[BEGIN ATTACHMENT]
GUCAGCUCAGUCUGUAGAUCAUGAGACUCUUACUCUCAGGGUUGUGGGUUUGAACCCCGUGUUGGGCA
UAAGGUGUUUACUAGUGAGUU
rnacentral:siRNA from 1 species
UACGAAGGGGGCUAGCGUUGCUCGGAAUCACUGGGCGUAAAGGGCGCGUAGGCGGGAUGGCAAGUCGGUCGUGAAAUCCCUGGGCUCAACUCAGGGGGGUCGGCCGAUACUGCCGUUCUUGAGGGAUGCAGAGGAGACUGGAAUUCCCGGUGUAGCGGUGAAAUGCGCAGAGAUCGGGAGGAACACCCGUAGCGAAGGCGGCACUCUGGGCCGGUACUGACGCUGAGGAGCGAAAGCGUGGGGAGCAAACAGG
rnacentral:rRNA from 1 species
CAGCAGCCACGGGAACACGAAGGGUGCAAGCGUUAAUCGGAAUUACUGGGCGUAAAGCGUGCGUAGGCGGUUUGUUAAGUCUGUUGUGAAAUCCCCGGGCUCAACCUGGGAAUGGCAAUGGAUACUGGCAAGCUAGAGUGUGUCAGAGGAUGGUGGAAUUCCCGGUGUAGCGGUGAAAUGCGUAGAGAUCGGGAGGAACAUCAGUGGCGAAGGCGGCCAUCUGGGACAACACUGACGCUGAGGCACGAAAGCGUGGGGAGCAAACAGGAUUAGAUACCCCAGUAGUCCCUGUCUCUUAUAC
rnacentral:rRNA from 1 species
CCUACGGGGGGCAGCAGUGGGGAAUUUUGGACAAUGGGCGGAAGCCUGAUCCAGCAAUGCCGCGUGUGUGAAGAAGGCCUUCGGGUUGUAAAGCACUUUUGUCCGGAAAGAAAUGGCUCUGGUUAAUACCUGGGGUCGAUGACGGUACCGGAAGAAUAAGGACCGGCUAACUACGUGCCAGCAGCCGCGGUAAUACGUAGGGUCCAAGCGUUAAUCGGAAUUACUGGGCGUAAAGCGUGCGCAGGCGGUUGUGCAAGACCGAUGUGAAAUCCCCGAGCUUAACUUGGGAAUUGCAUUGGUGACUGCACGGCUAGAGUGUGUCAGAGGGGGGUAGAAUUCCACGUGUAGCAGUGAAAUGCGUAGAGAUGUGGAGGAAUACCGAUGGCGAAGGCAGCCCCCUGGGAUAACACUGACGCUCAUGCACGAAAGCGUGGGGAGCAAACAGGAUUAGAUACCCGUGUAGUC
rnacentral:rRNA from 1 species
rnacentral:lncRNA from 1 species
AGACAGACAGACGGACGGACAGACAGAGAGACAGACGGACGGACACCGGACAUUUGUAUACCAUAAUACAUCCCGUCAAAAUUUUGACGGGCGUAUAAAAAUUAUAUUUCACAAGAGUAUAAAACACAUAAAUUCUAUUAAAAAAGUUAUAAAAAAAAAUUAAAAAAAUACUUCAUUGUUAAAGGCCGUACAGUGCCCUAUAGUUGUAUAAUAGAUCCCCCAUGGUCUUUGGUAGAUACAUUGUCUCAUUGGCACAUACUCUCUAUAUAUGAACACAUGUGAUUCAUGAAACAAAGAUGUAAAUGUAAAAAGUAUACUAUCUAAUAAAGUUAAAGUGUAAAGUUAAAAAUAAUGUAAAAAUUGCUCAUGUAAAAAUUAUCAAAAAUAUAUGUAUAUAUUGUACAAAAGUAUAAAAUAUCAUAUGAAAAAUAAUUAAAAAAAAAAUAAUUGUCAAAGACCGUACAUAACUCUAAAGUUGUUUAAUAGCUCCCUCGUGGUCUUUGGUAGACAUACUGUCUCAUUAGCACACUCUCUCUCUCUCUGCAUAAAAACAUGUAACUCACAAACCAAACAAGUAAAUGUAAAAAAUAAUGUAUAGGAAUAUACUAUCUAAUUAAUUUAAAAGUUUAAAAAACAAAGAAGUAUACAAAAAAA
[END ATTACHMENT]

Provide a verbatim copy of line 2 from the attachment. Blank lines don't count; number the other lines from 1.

UAAGGUGUUUACUAGUGAGUU